Today, February 7, 2014, would have been the 80th birthday of the late King Curtis, a saxophone master whose sonic wizardry contributed so many facets in the music industry during the late 1950s to the early 1970s. What seemed to be a career that was even going to hit further heights after he become Aretha Franklin’s musical director was cut short by his tragic and senseless murder in 1971.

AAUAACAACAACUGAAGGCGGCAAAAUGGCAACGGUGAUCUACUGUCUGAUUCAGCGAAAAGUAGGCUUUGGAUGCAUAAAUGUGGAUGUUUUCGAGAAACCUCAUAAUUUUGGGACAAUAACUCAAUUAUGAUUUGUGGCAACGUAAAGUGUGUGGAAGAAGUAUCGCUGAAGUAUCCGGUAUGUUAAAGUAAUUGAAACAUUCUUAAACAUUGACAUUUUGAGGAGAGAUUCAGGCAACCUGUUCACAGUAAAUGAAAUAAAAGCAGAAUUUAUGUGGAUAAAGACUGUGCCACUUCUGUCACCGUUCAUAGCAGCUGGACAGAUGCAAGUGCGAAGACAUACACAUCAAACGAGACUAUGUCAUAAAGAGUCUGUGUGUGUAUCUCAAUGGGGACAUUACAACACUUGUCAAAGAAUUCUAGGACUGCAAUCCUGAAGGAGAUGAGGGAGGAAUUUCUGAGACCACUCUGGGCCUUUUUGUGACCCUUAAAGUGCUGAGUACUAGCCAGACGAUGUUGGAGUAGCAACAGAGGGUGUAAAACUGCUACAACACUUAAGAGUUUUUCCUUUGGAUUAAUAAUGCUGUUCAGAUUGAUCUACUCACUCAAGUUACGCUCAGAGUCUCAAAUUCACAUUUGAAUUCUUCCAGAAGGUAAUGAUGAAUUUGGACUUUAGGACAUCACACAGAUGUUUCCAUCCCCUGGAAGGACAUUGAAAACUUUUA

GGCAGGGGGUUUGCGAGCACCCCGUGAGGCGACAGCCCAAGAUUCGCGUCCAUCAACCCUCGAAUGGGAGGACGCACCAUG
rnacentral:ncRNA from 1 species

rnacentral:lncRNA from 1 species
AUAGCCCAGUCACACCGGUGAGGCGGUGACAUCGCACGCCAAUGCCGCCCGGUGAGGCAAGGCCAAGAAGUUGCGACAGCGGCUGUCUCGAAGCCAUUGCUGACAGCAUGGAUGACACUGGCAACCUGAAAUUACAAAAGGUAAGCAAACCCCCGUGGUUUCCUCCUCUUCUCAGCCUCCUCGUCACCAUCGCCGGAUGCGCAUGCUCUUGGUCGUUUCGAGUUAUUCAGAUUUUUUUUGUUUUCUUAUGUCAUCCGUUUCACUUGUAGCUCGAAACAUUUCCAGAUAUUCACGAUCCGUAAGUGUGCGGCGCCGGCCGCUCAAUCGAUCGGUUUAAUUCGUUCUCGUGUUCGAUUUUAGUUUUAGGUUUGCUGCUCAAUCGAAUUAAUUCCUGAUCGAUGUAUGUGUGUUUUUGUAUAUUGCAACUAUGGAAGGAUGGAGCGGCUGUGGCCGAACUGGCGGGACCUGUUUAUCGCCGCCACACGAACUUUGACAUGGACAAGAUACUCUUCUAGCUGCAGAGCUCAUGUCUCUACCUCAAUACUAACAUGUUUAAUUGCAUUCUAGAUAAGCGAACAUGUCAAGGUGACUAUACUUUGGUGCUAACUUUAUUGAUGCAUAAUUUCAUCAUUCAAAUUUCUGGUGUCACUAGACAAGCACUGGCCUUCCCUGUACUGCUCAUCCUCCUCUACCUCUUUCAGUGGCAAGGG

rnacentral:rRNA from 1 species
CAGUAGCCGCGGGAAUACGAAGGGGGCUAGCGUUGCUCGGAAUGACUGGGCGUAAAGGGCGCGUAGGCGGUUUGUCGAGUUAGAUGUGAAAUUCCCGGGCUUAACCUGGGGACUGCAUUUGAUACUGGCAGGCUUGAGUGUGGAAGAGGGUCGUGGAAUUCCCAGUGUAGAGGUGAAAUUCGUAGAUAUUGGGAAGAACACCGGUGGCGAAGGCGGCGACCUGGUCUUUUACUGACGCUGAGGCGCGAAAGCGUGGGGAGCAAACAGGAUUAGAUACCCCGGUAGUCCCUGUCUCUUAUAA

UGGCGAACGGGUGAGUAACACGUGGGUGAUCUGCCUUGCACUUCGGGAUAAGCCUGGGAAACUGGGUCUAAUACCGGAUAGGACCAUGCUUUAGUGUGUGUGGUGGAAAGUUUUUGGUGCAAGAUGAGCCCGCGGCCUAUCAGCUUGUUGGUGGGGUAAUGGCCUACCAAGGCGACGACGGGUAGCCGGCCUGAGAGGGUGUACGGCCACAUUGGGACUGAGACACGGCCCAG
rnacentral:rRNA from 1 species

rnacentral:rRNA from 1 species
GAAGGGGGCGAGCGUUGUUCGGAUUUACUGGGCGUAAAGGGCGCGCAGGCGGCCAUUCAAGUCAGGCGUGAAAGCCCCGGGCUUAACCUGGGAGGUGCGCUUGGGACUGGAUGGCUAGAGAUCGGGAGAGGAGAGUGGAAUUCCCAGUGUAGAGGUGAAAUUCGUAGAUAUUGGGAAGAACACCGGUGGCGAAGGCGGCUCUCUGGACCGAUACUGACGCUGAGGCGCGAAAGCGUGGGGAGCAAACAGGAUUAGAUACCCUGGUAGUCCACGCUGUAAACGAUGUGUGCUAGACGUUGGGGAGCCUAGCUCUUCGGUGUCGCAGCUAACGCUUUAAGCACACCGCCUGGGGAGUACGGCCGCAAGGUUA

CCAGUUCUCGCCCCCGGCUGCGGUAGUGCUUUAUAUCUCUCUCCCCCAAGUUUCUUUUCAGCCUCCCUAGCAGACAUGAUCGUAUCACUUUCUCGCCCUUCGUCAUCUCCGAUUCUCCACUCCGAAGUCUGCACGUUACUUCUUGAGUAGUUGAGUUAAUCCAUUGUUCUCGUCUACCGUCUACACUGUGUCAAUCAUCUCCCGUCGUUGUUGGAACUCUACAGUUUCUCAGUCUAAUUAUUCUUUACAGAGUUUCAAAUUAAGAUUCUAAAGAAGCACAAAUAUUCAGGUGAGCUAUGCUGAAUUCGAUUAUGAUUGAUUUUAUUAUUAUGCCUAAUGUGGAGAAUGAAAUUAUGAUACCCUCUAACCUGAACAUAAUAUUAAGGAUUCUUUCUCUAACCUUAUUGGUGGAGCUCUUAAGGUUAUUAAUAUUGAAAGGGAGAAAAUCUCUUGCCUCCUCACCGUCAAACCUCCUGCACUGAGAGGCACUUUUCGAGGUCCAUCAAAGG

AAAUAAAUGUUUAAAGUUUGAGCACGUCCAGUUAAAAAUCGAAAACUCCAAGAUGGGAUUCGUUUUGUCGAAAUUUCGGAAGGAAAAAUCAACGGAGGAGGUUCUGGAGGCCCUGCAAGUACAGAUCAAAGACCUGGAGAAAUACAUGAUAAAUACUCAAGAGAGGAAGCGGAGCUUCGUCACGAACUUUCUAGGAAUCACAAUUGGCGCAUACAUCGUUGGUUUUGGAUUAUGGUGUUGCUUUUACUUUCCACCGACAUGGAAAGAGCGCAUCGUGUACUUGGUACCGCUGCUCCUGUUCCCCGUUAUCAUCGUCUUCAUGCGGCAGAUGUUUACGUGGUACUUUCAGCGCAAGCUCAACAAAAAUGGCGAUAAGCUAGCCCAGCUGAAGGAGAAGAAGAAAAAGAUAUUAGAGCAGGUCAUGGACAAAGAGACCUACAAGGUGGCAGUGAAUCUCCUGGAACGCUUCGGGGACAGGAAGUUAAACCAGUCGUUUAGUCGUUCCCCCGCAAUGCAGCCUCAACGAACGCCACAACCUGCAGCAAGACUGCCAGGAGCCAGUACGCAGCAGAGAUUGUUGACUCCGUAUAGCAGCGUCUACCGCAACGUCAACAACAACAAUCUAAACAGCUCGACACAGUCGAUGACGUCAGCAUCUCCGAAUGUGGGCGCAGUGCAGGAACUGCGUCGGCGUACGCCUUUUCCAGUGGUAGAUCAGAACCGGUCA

Born in 1934 and raised in Fort Worth, TX, “King” Curtis Ousley was an early component of rock and roll and the R&B scene, which found its full flower by the mid 1960s. On records like The Coasters’ “Yakety Yak,” Curtis displayed his penchant for playing with a fervor, a zest which instantly got blood circulating in the listener and himself. Raucous yet light in the best possible ways, the solo on the record stands as one of the most recognizable pieces of sax playing of all time and it contained strains of the type of playing King Curtis would utilize on his subsequent recordings and live performances. It also propelled Curtis to the limelight and within the music industry; he played with luminaries like Buddy Holly and recorded his own songs like “Soul Twist” and the emotionally charged “Soul Serenade,” which went on to become a standard and most memorable R&B ballad of the period.